My best lessons in friendship came during my loneliest season of friendship.
I’d just gotten married and moved to a place where I only had a handful of connections. As a newlywed in a new city, I started at square one. I got invited to parties, yet I didn’t have deep connections. Every girl I knew already had a best friend, and since many of them grew up together, I felt like an outsider as they shared childhood stories.
After one girl’s night out, I came home and cried to my husband. I told him how I just couldn’t compete with friends who had known each other since birth and taken baths together at two years old. Everyone was kind, but nobody needed me like I needed them.
It took me six months of effort – and accepting every invitation that came my way – to finally get my bearings.
My turning point came when I met Mary Alice, who had just moved back in town. We immediately clicked and became close friends. From that friendship we grew other friendships and expanded our circle. When my husband and I moved away four years later, we were genuinely sad to leave these friends who had become our second family.
Looking back, I realize how my problem was insecurity. I had a void in my heart that longed to be filled with the gift of female connection. Rather than letting it happen naturally, I tried to force it. I was so eager to find my place that I was petrified of making mistakes.
“Other than showing your child love and affection, managing your own stress
is the best thing you can do to be an effective parent.” Sissy Goff
My friend’s 16-year-old daughter called her from school, panicked and stressed.
“Mom, you’ve got to check me out! Everybody is saying how hard this history test is. I know I’ll fail it. Please come get me so I don’t have to take it today!”
Immediately my friend knew that her daughter had spent time in the Mall. The Mall is our high school’s common area where the students congregate. Often, they make each other panic as they discuss the difficulty of their classes.
My friend often warned her daughter to beware of the “Mall Mentality,” and this was exactly why.
“I’m not going to check you out,” her mom calmly replied, “because you’re ready for this test. Get out of the Mall and go to the library to clear your head. You have studied, and you know the material. I promise you’ll do fine.”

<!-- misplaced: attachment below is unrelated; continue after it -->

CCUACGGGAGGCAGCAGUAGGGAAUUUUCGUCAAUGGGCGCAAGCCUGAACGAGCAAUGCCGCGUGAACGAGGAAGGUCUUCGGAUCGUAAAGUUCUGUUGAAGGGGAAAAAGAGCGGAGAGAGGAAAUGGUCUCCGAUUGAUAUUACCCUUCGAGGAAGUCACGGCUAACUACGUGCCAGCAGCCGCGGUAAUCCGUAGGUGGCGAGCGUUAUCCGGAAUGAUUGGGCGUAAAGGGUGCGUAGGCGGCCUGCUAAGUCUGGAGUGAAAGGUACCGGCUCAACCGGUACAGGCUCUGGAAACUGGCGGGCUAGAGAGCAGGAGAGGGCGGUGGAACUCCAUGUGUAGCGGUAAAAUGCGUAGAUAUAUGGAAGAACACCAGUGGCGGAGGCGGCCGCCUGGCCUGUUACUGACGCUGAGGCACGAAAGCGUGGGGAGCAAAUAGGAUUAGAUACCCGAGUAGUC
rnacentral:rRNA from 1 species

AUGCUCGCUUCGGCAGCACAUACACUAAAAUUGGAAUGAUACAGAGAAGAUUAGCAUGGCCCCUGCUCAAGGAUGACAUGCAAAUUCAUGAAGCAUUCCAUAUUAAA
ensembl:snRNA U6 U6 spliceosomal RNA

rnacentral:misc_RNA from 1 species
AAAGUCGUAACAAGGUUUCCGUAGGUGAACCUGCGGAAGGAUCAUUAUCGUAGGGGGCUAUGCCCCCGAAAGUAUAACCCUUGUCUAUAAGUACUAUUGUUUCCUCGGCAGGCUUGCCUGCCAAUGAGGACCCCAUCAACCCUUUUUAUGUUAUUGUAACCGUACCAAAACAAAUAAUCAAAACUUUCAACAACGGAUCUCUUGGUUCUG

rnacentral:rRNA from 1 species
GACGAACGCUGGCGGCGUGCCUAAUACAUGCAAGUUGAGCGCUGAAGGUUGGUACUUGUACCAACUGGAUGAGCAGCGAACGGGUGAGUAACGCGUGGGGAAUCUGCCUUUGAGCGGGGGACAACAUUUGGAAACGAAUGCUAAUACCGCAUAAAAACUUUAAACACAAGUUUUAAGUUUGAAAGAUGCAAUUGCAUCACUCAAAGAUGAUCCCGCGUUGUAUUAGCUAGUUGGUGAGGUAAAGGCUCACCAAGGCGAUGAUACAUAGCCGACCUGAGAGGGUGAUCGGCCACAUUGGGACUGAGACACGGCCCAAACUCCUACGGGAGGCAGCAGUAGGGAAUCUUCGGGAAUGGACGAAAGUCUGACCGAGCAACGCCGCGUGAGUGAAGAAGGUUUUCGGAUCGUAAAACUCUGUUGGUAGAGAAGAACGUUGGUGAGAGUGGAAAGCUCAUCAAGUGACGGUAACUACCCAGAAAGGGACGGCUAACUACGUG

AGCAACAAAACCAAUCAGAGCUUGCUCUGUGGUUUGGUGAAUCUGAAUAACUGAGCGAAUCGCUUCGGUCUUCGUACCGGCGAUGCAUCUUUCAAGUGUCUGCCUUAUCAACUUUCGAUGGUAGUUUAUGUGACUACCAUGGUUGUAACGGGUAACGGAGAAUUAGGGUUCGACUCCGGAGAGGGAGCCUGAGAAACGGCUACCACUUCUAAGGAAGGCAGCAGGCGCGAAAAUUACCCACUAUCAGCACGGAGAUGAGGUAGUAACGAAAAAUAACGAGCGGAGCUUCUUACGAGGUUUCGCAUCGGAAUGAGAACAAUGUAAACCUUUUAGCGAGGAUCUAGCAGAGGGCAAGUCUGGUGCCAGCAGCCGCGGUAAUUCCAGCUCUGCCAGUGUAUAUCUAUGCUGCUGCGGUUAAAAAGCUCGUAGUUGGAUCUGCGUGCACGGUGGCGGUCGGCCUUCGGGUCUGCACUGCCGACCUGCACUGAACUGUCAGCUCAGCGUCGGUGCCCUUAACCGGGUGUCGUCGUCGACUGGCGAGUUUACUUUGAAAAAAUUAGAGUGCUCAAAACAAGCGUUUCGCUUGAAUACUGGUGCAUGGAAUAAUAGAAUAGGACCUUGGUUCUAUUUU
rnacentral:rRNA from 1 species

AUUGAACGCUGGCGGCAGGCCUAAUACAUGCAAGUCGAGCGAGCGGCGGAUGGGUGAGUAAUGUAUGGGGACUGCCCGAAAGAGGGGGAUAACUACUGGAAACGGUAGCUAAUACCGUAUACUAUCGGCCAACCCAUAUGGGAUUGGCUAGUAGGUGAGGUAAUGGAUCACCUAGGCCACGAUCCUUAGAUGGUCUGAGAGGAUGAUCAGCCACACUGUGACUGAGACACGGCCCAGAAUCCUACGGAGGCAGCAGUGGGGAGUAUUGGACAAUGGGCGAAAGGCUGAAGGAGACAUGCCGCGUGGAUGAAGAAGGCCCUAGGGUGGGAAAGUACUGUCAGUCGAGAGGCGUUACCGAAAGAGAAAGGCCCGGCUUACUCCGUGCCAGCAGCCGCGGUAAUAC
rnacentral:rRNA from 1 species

Her daughter wasn’t convinced, but she listened to her mom. She made an A on that history test, and 2 years later, this straight-A student was named a National Merit Finalist. She won a full scholarship to the college of her choice. She graduated with top honors.
Clearly, she is an intelligent student who prepared for this test, so why did she suddenly doubt herself? And what does it say for the rest of us when even the brightest people lose sight of their ability to handle challenges?
In some way, we all relate. We all have “Malls” in our life that trigger self-doubt or panic. Even when we’ve done the work, even when we leave home feeling confident, it only takes a voice or two to stir up worry, stress, or anxiety.
“Girls, more than ever, are in need of emotional support from their parents because they are not getting it where they are spending most of their time: online.” Lisbeth Splawn
One challenge of raising teenagers is teaching emotional regulation.
As Dr. Lisa Damour says, teenagers often have the right feeling on the wrong scale. They need help bringing their feelings down to size. As parents, we do this by naming their feelings, talking about them, and using a tone that conveys warmth and confidence in them.
It sounds easy, but in the moment, it can hard, uncomfortable, or irritating to witness a teen’s unpleasant emotions. Personally, I want to rush my daughters through them. I want to give pep talks or life lessons. I’ve told them how they should feel before listening to how they do feel. I’ve expected them to master emotions that still elude me.
I didn’t realize my tendency until my daughter told me one day, “You and Dad are always like, perspective, but I’m allowed to be upset over dumb things for five minutes.” And you know what? She was right. While my instinct is to “fix” emotions that make me uncomfortable (or make me want to cry) my girls benefit more when I let them feel what they feel and give them room to vent. After all, emotions buried alive always resurface.